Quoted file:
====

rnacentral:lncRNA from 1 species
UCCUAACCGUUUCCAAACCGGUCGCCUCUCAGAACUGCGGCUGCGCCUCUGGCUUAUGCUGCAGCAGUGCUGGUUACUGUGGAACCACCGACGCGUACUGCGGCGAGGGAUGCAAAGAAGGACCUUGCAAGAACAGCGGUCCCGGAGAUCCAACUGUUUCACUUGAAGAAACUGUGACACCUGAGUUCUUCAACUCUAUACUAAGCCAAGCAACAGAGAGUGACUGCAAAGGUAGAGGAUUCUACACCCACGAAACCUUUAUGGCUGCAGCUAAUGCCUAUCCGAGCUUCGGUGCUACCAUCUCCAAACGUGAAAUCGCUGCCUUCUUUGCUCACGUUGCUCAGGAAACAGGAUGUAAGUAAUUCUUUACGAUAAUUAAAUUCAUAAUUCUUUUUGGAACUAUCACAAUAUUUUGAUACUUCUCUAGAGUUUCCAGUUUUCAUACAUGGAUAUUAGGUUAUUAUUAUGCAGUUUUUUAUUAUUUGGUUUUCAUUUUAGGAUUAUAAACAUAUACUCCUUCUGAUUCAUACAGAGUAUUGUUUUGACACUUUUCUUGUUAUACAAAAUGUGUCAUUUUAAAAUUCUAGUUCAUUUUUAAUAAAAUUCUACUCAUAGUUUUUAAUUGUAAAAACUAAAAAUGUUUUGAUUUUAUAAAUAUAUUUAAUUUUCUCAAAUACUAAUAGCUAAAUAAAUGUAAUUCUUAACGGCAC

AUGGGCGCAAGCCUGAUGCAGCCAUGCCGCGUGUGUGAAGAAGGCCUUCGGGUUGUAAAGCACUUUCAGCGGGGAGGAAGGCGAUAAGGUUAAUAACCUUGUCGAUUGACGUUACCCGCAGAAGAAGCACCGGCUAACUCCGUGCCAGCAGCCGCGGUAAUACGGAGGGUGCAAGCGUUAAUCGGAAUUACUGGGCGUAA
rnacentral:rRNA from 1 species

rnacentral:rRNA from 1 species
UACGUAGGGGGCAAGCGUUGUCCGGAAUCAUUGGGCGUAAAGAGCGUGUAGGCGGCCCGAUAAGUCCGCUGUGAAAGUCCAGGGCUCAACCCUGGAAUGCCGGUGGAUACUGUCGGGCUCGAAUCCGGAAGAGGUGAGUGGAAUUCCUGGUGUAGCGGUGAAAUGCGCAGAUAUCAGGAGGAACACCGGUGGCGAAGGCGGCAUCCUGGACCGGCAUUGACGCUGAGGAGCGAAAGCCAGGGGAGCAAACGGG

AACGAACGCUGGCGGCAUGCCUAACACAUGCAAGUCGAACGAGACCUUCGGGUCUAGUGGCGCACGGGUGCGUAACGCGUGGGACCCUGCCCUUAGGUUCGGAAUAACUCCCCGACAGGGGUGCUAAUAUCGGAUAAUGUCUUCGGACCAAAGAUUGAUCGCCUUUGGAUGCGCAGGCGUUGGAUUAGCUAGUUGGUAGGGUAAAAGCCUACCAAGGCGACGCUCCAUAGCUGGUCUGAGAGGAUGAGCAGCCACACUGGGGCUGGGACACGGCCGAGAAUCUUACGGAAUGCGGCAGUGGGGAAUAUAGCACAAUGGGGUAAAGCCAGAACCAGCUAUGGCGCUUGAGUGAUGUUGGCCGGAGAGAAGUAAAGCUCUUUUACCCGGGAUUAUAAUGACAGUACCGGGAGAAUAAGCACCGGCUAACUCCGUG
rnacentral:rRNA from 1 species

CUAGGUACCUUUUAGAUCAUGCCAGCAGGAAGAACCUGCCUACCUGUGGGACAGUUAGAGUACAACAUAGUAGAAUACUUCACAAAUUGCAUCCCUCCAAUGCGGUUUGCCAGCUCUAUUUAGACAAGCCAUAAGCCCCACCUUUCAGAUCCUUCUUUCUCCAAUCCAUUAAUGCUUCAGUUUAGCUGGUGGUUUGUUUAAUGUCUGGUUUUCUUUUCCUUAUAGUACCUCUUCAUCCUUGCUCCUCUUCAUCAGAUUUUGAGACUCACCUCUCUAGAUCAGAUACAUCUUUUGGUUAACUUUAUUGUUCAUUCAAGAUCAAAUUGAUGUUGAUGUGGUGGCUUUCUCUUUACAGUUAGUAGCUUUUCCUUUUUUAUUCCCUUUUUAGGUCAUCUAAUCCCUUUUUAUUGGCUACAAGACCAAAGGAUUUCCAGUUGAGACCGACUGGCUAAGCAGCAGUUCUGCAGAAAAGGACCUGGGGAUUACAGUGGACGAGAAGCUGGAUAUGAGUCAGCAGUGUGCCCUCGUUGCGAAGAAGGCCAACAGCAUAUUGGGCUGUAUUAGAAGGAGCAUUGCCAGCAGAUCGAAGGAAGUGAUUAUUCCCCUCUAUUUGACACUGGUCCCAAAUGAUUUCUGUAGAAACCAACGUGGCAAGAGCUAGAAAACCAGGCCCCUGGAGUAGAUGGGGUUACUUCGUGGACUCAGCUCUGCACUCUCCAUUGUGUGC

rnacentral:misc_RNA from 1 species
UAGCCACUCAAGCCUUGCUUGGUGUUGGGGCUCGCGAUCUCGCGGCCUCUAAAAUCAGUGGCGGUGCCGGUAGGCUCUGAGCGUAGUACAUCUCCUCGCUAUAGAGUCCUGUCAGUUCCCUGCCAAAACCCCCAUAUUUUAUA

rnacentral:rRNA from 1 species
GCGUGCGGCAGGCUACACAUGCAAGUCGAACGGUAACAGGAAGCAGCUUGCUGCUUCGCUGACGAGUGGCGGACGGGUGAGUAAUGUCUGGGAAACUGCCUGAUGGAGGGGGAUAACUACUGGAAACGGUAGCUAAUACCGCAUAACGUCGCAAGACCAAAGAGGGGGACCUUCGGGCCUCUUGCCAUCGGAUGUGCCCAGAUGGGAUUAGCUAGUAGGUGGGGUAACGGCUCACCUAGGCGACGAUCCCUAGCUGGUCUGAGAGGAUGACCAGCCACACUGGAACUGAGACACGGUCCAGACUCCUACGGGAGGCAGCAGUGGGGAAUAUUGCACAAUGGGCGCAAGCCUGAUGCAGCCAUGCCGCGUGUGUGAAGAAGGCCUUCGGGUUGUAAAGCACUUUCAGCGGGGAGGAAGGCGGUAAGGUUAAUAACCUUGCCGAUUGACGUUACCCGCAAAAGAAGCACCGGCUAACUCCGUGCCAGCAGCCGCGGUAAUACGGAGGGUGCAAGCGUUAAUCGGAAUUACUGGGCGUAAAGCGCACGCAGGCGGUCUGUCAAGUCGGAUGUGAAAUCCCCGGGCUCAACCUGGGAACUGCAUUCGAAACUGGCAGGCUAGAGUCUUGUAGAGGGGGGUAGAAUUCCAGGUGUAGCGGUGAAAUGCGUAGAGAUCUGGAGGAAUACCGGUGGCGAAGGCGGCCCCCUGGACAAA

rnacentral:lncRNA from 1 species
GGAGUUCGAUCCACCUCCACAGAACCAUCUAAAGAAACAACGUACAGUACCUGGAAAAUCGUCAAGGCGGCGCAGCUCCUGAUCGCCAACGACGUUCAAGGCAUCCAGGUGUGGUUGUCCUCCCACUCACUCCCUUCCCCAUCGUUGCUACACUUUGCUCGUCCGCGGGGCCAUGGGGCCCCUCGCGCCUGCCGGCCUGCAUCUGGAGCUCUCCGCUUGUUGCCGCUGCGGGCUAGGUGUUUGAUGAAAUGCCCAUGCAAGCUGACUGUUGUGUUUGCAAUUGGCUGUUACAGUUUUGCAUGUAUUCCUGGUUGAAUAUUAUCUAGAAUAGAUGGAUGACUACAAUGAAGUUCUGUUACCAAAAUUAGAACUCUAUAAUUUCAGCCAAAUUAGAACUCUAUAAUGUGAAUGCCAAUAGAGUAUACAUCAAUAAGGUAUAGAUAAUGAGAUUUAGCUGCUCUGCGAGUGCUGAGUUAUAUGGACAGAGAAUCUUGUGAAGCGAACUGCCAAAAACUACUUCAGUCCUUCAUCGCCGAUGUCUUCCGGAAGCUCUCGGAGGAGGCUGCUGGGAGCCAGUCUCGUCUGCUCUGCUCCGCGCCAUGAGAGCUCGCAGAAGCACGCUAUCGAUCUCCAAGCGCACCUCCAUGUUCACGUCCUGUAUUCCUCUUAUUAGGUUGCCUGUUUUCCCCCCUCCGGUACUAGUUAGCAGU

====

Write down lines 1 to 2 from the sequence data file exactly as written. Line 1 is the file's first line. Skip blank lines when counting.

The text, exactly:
rnacentral:lncRNA from 1 species
UCCUAACCGUUUCCAAACCGGUCGCCUCUCAGAACUGCGGCUGCGCCUCUGGCUUAUGCUGCAGCAGUGCUGGUUACUGUGGAACCACCGACGCGUACUGCGGCGAGGGAUGCAAAGAAGGACCUUGCAAGAACAGCGGUCCCGGAGAUCCAACUGUUUCACUUGAAGAAACUGUGACACCUGAGUUCUUCAACUCUAUACUAAGCCAAGCAACAGAGAGUGACUGCAAAGGUAGAGGAUUCUACACCCACGAAACCUUUAUGGCUGCAGCUAAUGCCUAUCCGAGCUUCGGUGCUACCAUCUCCAAACGUGAAAUCGCUGCCUUCUUUGCUCACGUUGCUCAGGAAACAGGAUGUAAGUAAUUCUUUACGAUAAUUAAAUUCAUAAUUCUUUUUGGAACUAUCACAAUAUUUUGAUACUUCUCUAGAGUUUCCAGUUUUCAUACAUGGAUAUUAGGUUAUUAUUAUGCAGUUUUUUAUUAUUUGGUUUUCAUUUUAGGAUUAUAAACAUAUACUCCUUCUGAUUCAUACAGAGUAUUGUUUUGACACUUUUCUUGUUAUACAAAAUGUGUCAUUUUAAAAUUCUAGUUCAUUUUUAAUAAAAUUCUACUCAUAGUUUUUAAUUGUAAAAACUAAAAAUGUUUUGAUUUUAUAAAUAUAUUUAAUUUUCUCAAAUACUAAUAGCUAAAUAAAUGUAAUUCUUAACGGCAC